The Event

TV review by
Joyce Slaton, Common Sense Media
The Event TV Poster Image
Absorbing catering reality show can feel like an ad.

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A lot or a little?

The parents' guide to what's in this TV show.

Positive Messages

The series pays proper respect to working towards perfection and pushing relentlessly for quality; however, such messages often feel like they're thinly veiled ads for a for-profit business. 

Positive Role Models

We see professionals hard at work, expending lots of energy and attempting to make guests comfortable and happy with great food, served when they need it. Catering VIPs can be a little snappish when hurrying up waiters or cooks, but they're never unprofessional. 


Cursing is infrequent but "goddamn" is heard; "f--k" is bleeped. 


Company names are mentioned frequently, including Wolfgang Puck Catering and the entities throwing parties: the Screen Actors Guild, People magazine. We see logos flashed frequently, and hear at length how prestigious Wolfgang Puck Catering and Puck himself are. 

Drinking, Drugs & Smoking

Clients drink wine and cocktails at parties; no one acts drunk. 

What parents need to know

Parents need to know that The Event is a reality series about a California catering company that provides food and drink for huge celebrity parties. Iffy content is infrequent: chefs and other bigwigs in the company sometimes demand a little impatiently that their employees work faster, but no one is unprofessional or personally insults anyone. Cursing is infrequent: "goddamn" and a bleeped "f--k." Clients drink wine and cocktails at dinners and parties, but no one acts drunk. Professionals care deeply about doing a good job, and work long, hard hours trying to get good-quality food and drinks in the hands of clients at the right moments. The most questionable part of the series is in the advertising-adjacent messages. We hear frequently how prestigious and important both Puck and his catering company are; interviewees underline how far they go to ensure quality of product and service. 

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What's the story?

In California, celebrity chef Wolfgang Puck is famous for his Spago restaurants, and reality show THE EVENT attempts to bring the same kind of acclaim to Wolfgang Puck Catering. THE EVENT takes viewers behind the scenes as the company plans and executes food and drink for huge celebrity laden parties like awards ceremonies and TV premieres. The catering company takes on every detail, from cooking to plating to serving, as we learn just how much goes into getting food and drink seamlessly into the hands of partygoers. 

Is it any good?

Getting a backstage view of the nitpicky and endless details that go into throwing a big successful party is fascinating, even if this docuseries occasionally veers too far into advertorial land. Did we ever need to hear how exacting the standards of Puck's catering company are, how fervent the attention to perfection and service? Such a thing should be perfectly obvious from what we see and hear: a sous chef painstakingly washing each leaf of gem lettuce to ensure it doesn't have a speck of sand on it, waiters practicing smoothly bussing 1,286 place settings during a two-minute commercial break, a catering exec demonstrating that each and every vegetable inside the rows of salad servings is a perfect square. Repeatedly uttering portentous statements like "Wolfgang Puck Catering is the world's most prestigious catering empire" is a bit much.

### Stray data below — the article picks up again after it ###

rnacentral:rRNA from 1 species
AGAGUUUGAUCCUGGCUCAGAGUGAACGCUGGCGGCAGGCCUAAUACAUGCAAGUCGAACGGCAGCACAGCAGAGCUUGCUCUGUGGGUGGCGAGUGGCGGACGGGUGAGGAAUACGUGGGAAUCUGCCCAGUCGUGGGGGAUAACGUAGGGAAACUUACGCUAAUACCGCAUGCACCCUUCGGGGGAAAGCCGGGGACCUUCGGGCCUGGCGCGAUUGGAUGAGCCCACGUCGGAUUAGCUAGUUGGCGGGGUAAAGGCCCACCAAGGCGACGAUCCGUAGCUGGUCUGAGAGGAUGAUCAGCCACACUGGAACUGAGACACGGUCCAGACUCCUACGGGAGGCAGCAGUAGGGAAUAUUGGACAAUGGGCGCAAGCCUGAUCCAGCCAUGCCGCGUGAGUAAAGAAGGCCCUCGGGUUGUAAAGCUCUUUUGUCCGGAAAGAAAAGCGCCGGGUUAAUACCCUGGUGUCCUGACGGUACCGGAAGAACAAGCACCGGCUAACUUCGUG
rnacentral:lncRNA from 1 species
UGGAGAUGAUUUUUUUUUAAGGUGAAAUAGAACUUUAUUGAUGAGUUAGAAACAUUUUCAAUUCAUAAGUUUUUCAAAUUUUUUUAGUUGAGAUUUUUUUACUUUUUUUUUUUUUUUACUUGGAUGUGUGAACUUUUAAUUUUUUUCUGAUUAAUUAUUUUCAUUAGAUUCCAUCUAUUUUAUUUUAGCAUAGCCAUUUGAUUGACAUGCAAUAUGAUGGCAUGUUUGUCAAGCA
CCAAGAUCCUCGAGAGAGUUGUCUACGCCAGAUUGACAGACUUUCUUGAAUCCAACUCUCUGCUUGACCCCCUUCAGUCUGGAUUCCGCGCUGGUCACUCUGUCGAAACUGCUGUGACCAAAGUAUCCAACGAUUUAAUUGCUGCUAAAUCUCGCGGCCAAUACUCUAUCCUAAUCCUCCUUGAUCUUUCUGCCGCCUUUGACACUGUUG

Viewers who can ignore the hype, however, are in for a treat, as The Event zooms closely in on the details of prepping for and serving huge glamorous parties, from floral arrangements to lights to wine and water glasses lined up just so. Sometimes the events in question have a bit of extra drama, such as when a long-planned Screen Actors Guild awards ceremony suddenly requests a vegan menu. But even without that, the party preparation is plenty absorbing as we watch trained professionals on the job. If you've ever stood at a party holding a drink and an appetizer, you likely didn't appreciate the work that went into getting you your victuals just right. The Event may just change that. 

Talk to your kids about ...

  • Families can talk about the unglamorous side of the restaurant world. How much education, hard work, and risk does it take to become a chef? Does the work look hard? Rewarding? 

  • The catering professionals on this show talk a lot about serving guests well. Why does that matter? Is it a matter of pride for these pros, or is it all about getting jobs and making money? How do they show pride in their work? 

  • Throwing parties that put so many people to work is an expensive endeavor. Why doesn't this show talk more about the costs of parties? Why would they prefer to talk more about their artistry and creations rather than what they cost? 

TV details

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